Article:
Mr. Rogers coined the phrase,and it was from his heart. He wanted his viewers, children, to know that he appreciated them even when they were angry, sad, frustrated, confused, exhausted, or terrified.
I’ve felt all of those emotions over the last year. I put myself out into the social media world, front and center, for the province, and even the world, to see that I was obsessed by authentic assessment practices. It hasn’t been an easy year, to make myself that vulnerable. But while not easy, it has been a pretty incredible and enlightening ride. I’ve learned so much from all the people who have texted me, messaged me, commented on posts, liked a Vlog, loved a blog post, retweeted a tweet, blocked me on Facebook, muted a conversation, joined Beyond Report Cards, left Beyond Report Cards, followed my blog, criticized me behind my back, and participated wholeheartedly in a workshop. The highs and the lows of these endeavors of mine come with the territory. When one decides to put themselves out into the Twitterverse, Facebook world, or cyberspace, they must be prepared to defend their platform, take a compliment, and ignore the naysayers. In every aspect of this journey, I have spoken my truth.
Throughout my journey not only have I learned that I need to stick to my guns and be myself, but I need to respect my colleagues’ and fellow assessment sojourners as they tackle new assessment ideas and take baby steps into the gradeless universe. I don’t mind giving a push and anyone who knows me, knows I’ll give them my straight up opinion of what I think about an idea, interpretation or learning scale. I’ll also throw myself into someone’s struggle because I know they need help. At the end of the day, having any conversation or argument over best practice, makes me appreciate anyone and everyone who took the time to share their journeys with me. Every interaction with an educator, in all its many forms, has filled my cup.
We need each other. We can’t possibly be progressive educators without collaboration. This collaboration can be in the form of a PLN (Professional Learning Community, such as Twitter), department teams, learning teams, or even the Facebook community. The new curriculum and new assessment initiatives are simply too daunting and overwhelming to go it alone. The system is flawed in that we have been been deprived of resources, time, and money to tackle these reforms. But we struggle to ignore them because we know they are, truly, in the best interest of our students. So, we trudge onward, and, at least, we have each other to bat around ideas and cry on each others’ shoulders. We have each other because we want to see real change happen.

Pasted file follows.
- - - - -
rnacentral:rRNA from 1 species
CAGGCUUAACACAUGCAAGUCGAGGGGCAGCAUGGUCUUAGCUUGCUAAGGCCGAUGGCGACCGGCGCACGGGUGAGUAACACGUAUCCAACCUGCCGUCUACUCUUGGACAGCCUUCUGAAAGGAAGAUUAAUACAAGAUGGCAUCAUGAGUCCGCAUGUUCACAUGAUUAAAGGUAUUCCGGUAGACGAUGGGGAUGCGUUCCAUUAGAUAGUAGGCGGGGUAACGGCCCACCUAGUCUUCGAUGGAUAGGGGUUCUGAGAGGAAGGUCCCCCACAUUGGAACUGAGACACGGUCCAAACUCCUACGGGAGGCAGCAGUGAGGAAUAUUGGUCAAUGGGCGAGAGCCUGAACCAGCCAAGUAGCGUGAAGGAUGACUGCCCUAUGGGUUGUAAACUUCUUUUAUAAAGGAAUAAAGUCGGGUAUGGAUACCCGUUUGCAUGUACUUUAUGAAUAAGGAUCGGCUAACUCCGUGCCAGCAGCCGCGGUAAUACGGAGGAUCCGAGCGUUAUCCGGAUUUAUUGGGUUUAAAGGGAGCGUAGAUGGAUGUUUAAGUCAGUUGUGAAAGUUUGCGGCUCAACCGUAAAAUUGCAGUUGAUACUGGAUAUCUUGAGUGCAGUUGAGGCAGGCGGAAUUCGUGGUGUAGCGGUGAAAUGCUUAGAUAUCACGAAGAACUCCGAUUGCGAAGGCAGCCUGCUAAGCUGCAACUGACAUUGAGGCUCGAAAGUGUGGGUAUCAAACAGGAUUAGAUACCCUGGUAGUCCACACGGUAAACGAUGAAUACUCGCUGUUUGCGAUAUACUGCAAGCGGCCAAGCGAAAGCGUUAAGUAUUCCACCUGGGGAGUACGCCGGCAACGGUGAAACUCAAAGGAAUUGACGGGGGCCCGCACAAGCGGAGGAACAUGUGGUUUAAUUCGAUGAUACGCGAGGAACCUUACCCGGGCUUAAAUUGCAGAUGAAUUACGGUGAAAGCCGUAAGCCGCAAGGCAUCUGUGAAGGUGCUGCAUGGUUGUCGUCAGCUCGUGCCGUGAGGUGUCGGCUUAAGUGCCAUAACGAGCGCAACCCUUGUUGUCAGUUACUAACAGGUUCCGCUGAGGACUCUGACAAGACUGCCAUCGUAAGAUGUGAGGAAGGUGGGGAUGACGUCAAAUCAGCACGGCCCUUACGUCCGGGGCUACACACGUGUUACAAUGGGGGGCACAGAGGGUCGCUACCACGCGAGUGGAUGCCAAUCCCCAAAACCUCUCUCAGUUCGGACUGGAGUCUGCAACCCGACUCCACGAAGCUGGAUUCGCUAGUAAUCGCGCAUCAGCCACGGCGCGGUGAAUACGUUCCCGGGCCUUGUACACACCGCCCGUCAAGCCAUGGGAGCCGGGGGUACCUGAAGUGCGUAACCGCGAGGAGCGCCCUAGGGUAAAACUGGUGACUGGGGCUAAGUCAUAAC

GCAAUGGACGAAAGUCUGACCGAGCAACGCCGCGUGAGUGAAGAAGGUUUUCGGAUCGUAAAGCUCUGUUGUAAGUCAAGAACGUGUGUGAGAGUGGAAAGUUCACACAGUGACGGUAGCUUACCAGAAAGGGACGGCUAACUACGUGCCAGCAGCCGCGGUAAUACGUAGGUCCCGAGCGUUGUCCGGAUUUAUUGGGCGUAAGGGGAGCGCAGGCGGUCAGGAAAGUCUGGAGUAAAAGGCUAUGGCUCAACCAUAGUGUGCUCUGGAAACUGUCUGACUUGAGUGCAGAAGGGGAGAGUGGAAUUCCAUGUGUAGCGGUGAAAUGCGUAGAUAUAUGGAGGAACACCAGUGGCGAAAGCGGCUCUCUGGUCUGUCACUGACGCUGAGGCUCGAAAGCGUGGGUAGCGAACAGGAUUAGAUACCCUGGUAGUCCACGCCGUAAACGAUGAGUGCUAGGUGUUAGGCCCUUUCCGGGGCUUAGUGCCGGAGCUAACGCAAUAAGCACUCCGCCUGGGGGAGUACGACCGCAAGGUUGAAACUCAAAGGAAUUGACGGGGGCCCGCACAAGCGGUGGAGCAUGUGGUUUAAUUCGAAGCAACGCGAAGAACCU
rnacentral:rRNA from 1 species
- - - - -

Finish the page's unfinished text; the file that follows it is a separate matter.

I am truly grateful to be an educator in this great province of ours. I’m truly grateful for every educator I have met, both virtually and literally. If I haven’t told you lately, I appreciate all of you for your kindness and extraordinary commitment to education. I appreciate that you have humbled me with your willingness to share your journey with me.
As 2019 draws to a close, I have been thinking a lot about my hero, Mr. Rogers, to whom, I owe a great deal of gratitude. You see, I never realized what an impact Fred and his Neighborhood pals had on my teaching career. Since watching the Netflix documentary, Won’t You Be My Neighbor, last spring, I have meditated on the impact he had on the world. He was touching, inspiring, confident, kind and unafraid to tackle tough issues. He made sure his viewers knew that too. Maybe, a little part of me, a little part of my practice, a little part of my fearless commitment to students, comes from all of the wonderful I learned from Fred. I think it’s pretty swell to have a hero like Fred Rogers.
The greatest part about 2019 coming to a close, is knowing that I get to continue my learning journey with all of you in 2020. Thank you for accepting me just the way I am. Thank you for being a part of my neighborhood.